Evidence is truly in the eye of the beholder then. For instance when I hear of one of Rossi's coworkers testifying about the Quark X something like, "I've seen incredible things that you would not believe", I see that as evidence there is something very interesting going on, while others take it as evidence that his coworker is in on the scam. Go figure.
I'm figuring that your analysis here is leaving out a lot of relevant information:
- Is the co-worker subject to the type of rose-tinted "accept everything Rossi says is true" that is common amongst those Rossi holds tight?
- Is the co-worker a reliable witness?
- Is the co-worker considering the possibility of very impressive shows put on by Rossi that in fact do not mean what on the surface they might? Out of about 20 tests we have verifiable understanding of how nearly all of them have built in gotchas that deliver astonishing results due to some error. In most of these cases some external observers (even when technically knowledgable such as Jed) have been unable to see the error which in fact does exist, until it is pointed out by others.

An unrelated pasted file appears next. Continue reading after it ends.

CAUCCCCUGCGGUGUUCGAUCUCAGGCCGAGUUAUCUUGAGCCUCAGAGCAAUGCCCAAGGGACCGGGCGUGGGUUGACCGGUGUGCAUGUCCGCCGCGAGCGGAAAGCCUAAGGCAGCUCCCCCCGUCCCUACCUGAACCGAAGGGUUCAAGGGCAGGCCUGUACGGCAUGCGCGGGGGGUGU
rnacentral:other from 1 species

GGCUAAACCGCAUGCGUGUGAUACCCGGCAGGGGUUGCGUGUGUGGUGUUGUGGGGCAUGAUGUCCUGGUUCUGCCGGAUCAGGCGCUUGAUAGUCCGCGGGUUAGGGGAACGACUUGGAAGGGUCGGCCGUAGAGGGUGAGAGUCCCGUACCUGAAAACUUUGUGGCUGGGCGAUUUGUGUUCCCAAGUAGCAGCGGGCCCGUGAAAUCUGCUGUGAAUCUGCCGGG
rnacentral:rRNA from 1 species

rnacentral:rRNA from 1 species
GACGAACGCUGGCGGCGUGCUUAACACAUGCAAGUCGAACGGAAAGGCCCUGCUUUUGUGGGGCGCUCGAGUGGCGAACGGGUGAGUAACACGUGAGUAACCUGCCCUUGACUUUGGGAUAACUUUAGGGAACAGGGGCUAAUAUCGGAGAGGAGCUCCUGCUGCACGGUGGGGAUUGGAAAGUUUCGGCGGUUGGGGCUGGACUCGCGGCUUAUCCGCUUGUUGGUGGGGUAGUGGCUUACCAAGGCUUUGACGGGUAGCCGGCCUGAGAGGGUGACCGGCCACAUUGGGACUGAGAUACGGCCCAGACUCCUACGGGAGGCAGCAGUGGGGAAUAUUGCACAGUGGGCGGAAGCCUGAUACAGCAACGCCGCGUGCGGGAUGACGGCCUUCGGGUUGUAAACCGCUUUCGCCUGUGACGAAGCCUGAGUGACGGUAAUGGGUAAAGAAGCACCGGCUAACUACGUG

You are also making a logical error; assuming Rossi's co-workers are in on a scam rather than believing Rossi's false assurances. There is no evidence, for example, that the Lugano report author's were "in on a scam".
That is all what a careful observer must consider, even leaving out the whole issue of Rossi's known ability to lie and the farcical lies around the Court case.
The point is: Rossi's co-workers are a selected group. we know anyone who does not accept all his fantasies gets shown the door pretty quickly. Given such a filter the large variety of human nature, and large numbers of people who might potentially want to be part of the greatest invention in human history and help save the world, makes it easy for Rossi to choose selectively unreliable witnesses. He has known form in this area with the Lugano team; genuine scientists who were somehow persuaded to sign that appallingly written, unprofessional, report in which there were technical (thermography) and non-technical (incorrect description of independence of experimental work from Rossi and team) errors.
Perhaps I am biassed. But I see you put too much weight on anecdotal evidence from people close to Rossi, when such people are by definition selected for unreliability in this one area of evaluating Rossi's work.